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Nitric Acid Supplier

I’m having difficulties ordering Nitric acid for silver etching. It has to be delivered to a home address rather than an industrial site and I can’t seem to find an online supplier. Can anyone recommend a source?

Places that sell professional sculpture supplies will have it with the patina chemicals. Triple S Chemicals (in So CA) is where I order most of my patina materials. They have Nitric acid 70%,

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Have you considered using cupric nitrate dissolved in distilled water and electoetching? My humble opinion is it does a better job (its VERY aggressive on silver) than is much safer than nitric acid. If you google it you will get plenty of information. Nitric and hydrofluoric acids scare the stuff out of me.

Funny story: I was having the same problem as you a few years back buying concentrated nitric acid for etching because most chemical supply houses won’t sale to individuals or deliver to a home address. SO … I found it on ebay! Bought it from some gentleman … who shipped the stuff right to my. home. I wanted a liter, but strangely he only sold in quarts … that was … wait for it … he was shipping it USPS in an unmarked box in VINEGAR BOTTLES. He had to have been stealing it from work and selling it on ebay. I’m thinking WTF … but spend the bottle and it started fuming. Luckily I had a couple of those big, brown poly lined glass acid bottles and moved it over quickly. It was packed in some bubble wrap and. a few styro peanuts. Can’t imagine what would have happened if the vinegar bottle had broken in transit add spilled a quart of concentrated nitric acid … in the post office. That’s when I started looking for other solutions for etching silver :slight_smile:

If you are in the US, I always purchased mine from Radio Shack. I know they went through bankruptcy and closed a lot of stores but there is still one near me so maybe near you also. Also looks like it is available on their website:

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Sorry, I just realized the link I gave you for Radio Shack is ferric chloride, which only works on copper or brass.

I have purchased nitric acid from The Science Company through ebay because shipping was way cheaper.

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In both Syracuse and Binghamton, NY, I just look up chemical suppliers and drive over and buy a large bottle of concentrated nitric acid (which I use, diluted 50:50, for bright-dipping). One bottle lasts me a few years (I don’t work that fast…).
Judy Bjorkman

Hi Judy, Can you please explain your bright dip strategy and set up, safety and procedure?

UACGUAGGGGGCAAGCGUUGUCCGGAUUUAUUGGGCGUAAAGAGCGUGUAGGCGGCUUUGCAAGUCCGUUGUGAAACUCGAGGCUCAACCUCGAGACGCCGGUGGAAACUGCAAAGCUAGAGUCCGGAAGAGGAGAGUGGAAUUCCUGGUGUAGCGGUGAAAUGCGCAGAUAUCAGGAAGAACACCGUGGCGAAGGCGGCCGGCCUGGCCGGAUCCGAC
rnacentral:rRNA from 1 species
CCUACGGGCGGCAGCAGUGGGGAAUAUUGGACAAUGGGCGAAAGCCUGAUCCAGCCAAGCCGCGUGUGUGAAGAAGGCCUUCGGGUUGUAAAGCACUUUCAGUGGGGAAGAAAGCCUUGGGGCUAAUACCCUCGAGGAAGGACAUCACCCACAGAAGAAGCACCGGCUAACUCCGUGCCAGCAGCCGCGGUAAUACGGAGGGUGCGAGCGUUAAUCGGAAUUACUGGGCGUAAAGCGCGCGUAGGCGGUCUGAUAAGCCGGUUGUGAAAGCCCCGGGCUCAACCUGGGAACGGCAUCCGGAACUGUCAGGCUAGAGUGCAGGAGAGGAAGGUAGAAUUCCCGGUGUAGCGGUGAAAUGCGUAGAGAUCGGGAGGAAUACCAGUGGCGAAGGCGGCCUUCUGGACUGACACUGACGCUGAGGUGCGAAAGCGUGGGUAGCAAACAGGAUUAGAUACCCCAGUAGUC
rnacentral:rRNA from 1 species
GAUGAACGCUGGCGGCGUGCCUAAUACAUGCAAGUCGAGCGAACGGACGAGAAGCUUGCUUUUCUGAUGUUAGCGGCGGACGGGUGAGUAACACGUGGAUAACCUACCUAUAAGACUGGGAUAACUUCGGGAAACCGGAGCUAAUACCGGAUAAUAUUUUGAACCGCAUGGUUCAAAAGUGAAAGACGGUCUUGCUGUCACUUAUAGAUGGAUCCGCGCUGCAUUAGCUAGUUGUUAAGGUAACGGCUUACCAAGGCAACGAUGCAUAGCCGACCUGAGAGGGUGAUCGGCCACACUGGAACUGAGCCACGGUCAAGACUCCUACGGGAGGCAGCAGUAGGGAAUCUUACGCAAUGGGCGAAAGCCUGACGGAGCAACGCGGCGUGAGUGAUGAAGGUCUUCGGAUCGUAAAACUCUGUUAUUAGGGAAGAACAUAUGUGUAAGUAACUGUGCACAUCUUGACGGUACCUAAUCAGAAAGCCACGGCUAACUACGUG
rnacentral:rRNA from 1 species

I do think that nitric is no longer necessary for etching but I have never heard of a way to get rid of cupric stain on silver.

Thanks Marty

Marty, I don’t know if my response about my bright dip strategy reached you or not, but here it is again!

Marty, as for safety aspects, I work at home in our large basement. The nitric acid is at the far end — I do not let anyone except my husband go into the basement without me. The glass bottle of concentrated HNO3 is sitting inside a plastic dishpan on the cement floor and under a table. The diluted acid is on my worktable, in a Pyrex pie pan with a glass lid, marked DANGER: ACID, and a couple layers of paper underneath the pan (to protect the table surface). When I need to bright dip my metal, I move the lid over and place the metal into the diluted acid. When the 50:50 dilution is fresh, the oxide stain will disappear in a very short time. But the dip will give off nasty fumes, so I set up a small fan and open a window to clear the air. Right now, I need to add more acid to my solution, so it takes several minutes for the oxide(s) to disappear. When the acid is this weak, there are few fumes. So, I set a timer (as I go about my other metal working processes, at another table; otherwise I am likely to forget the metal!). Of course, in the original dilution and any subsequent additions of acid, I add the acid to the water (or the weakened dilution), and not vice versa.

I use some steel tweezers to handle the metal, in all the parts of this process. Next to my diluted acid, I have a large plastic container of water with baking soda in it, to neutralize the acid on the metal, when the stain is gone and I remove it from the acid. Next to it is another container of plain water, to rinse off any excess baking soda. Then I dry the metal completely.

If you have a ventilated private space for this, it is not hard to set up and use. I must emphasize that it is important to work slowly and not ever be in hurry with acid around. I have used this process for at least 30 years and have only once gotten a yellow stain (from the acid) on one of my fingers. Wearing rubber gloves might help, but I have never needed them.

There are safer and slower ways of bright dipping, usually using a little heat, but not nitric acid. Others can describe them. Let me know if you have other questions/comments about my strategy. Thanks for your interest.

Judy Bjorkman

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Thanks Judy. I don’t always have enough room to keep organized space so, although I believe that acid bright dip is probably a good way to proceed I am also interested in knowing about the other “safer and slower ways to bright dip.” Anyone? Like most silversmiths I often have metal that has been reheated a number of times that has cuprous oxide contamination.

Thx marty

Marty, I think other bright dips use the usual pickle (e.g., PhDown) plus hydrogen peroxide, helped along with a little heat. But I don’t have the time to look it all up. Surely some others know about this.

Good luck!